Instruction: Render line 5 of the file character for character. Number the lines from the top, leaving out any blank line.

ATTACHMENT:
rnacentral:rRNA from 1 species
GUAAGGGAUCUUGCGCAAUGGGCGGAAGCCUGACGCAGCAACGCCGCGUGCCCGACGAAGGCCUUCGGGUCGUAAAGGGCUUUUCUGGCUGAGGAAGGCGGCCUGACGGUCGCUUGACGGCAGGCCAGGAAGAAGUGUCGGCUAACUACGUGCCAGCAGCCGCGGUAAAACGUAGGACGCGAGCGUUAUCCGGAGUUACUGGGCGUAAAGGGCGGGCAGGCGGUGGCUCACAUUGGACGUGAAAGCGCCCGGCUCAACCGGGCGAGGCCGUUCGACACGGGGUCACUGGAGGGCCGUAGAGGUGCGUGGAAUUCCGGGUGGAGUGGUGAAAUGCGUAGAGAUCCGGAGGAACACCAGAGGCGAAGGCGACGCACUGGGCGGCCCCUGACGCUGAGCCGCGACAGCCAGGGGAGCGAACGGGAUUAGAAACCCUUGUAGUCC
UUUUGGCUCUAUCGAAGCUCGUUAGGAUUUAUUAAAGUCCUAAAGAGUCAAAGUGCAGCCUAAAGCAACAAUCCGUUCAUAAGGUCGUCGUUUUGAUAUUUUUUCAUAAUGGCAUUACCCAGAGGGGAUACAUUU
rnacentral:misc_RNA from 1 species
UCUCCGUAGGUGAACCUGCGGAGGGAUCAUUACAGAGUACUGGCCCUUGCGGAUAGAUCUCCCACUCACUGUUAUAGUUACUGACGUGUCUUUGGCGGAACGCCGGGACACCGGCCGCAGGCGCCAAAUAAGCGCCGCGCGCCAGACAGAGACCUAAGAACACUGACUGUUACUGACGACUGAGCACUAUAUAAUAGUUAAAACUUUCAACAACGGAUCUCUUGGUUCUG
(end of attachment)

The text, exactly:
UCUCCGUAGGUGAACCUGCGGAGGGAUCAUUACAGAGUACUGGCCCUUGCGGAUAGAUCUCCCACUCACUGUUAUAGUUACUGACGUGUCUUUGGCGGAACGCCGGGACACCGGCCGCAGGCGCCAAAUAAGCGCCGCGCGCCAGACAGAGACCUAAGAACACUGACUGUUACUGACGACUGAGCACUAUAUAAUAGUUAAAACUUUCAACAACGGAUCUCUUGGUUCUG